A Crack in the Rainbow
Badrinath Nuggehalli

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Advertising, as a wit once said, is the most fun you can have with your clothes on.

Shiv Raman, chairman of iconic ad agency Plexus, is fighting a hostile takeover war against global media magnate Marv Zimmerman. Meanwhile, Arunav “Art” Kumar and Sarosh Alexander, two live-wire senior executives in Plexus with vastly different backgrounds, are in a race for the CEO’s job. Life in Plexus is tumultuous and bohemian. Intense competition for blue-chip clients, flighty ad campaigns, creative use of digital technology, glitz and glamour – all are everyday affairs in Plexus.

Enter a TV dance competition called the Nach Premier League. Plexus is assigned the task of advertising NPL. Behind NPL is a scheme hatched by sleazy politicians to launder Rs 8,000 crores of black money via Mauritius. The master-mind is Shankar Bhan, a central government minister, operating through Art Kumar’s uncle, Bhringi Dev, MLA from Bihar.

Personal relationships add whole new dimensions to the scene.

Art Kumar finds true love with Farida Munnawar but sad realities hang over the lovers. Glamorous Laila Pestonjee falls for the inquisitive little boy hidden under Sarosh Alexander’s wild, macho façade. Shiv Raman, the Plexus chairman, sees shades of his dead son reflected in Sarosh, who remains blissfully ignorant of his boss’s feelings. Art’s life-moves are dictated by his uncle, the crafty MLA Bhringi Dev. Nirmal Murarka, an Enforcement Directorate sleuth, doggedly tracks his prey convinced that no man, however powerful, can rise beyond the web of human relationships. Shankar Bhan, the powerful minister and mastermind of the money-laundering scam, flies into an uncontrollable rage and destroys everything when confronted by live evidence of his son’s sexual orientation.

Events set in motion by Art Kumar and Sarosh Alexander unleash forces that spin out of their control. The climax at the end catches them both by surprise. Who is good and who is evil – who is to judge?

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Reviews by the community

Nov 01 '14

R Sunder

The first 3 chapters have set a cracking pace, with a heady mix of manipulative politics - corporate and the real variety - new age advertising, young India's global aspirations and the 2 things that get India going - cricket and Bollywood. Not to forget women and wine, with just the right dash of sex - not in your face, but very subtle, not the central theme but well interwoven into the overall milieu of the modern ad world.
The introductions of the central characters - Santosh, Laila and Art - are done smoothly and fit in well into the overall story, truly believable and crisply described without disturbing the pace and tempo of the narrative. The piece de resistance is the way the author has very vividly and entirely credibly depicted the metamorphosis of Shiv Kumar from a middle-class S.Indian to the golf-playing Czar of the brave new era.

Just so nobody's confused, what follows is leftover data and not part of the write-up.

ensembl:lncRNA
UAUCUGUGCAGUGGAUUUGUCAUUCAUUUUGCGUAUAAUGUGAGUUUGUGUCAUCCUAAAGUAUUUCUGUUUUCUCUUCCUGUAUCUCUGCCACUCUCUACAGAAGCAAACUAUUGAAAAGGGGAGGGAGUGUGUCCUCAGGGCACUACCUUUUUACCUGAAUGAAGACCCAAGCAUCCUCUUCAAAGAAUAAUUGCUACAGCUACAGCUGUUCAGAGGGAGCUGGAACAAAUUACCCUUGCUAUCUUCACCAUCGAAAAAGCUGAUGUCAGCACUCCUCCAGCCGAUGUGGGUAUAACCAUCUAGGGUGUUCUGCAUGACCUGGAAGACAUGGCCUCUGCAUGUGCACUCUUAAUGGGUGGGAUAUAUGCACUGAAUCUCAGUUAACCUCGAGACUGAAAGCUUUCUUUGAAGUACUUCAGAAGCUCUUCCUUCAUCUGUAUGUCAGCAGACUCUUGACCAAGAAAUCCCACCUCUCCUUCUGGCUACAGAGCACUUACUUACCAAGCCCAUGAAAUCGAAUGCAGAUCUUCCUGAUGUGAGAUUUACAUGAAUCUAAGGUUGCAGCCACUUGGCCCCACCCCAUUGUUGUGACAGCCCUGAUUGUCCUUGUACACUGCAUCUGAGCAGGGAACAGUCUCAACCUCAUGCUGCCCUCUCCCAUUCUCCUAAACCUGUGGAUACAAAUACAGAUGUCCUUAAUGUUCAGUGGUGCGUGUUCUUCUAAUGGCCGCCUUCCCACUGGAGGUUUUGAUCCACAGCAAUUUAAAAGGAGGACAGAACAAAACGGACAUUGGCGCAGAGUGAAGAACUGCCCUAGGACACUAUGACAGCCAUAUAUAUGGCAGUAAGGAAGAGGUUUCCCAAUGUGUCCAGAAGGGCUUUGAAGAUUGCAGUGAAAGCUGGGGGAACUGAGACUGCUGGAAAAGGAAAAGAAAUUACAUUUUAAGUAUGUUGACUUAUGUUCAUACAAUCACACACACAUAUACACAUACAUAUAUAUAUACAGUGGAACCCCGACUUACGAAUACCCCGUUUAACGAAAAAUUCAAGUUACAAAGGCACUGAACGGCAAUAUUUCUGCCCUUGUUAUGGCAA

Add to this those little dashes of humour - the N.Indian way of pronouncing Raman or the wholly Indian English gaffe of "sponsorer" - and the author has piqued this reader's attention and whetted his appetite for more.
Given the way the author drools over the gastronomic offerings, one can wholeheartedly say that the "starters" have more than tickled our palate, as we wait eagerly for the main course and the dessert.

Jul 31 '14

Hetika Sanghani

A very intelligent book....the thought process behind the book is brilliant...the brainchild behind "Art"'s character is very well written...The book just requires some editing as in some parts it becomes a lil boring and you have to scape through...bt good job!! definitely want to read further...

Jul 28 '14

Preeti Chakravarti

A really interesting beginning to the story.. waiting to see what follows!

Jul 21 '14

Preetha Kesari

Loved this book-fast paced, action packed and written in excellent English as usual.
His previous book was great too. This guy is someone to watch.

Jul 08 '14


Captures the intricacies and the mad mad rush of the advertising world very well. Loved the characterisattion of Shiv

Jul 04 '14

Sanjana Parikh

The story does not have a catchy beginning and it seems to be going on very slowly. I couldn't finish the second chapter. A lot of things have been stretched and that might be the culprit. However, the storyline is good and it has potential.

Jun 14 '14

Anokhee Parikh

Slow! Couldn't even get through the first 2 chapters...

Jun 04 '14

About the author

Badrinath Nuggehalli Follow

Educated at Lawrence School, Lovedale; BITS, Pilani and IIM, Bangalore, I took up advertising and market research to pay my bills and writing stories to keep my life juices flowing. My novel "Clear Line of Fire" (a thriller) is published by Rupa.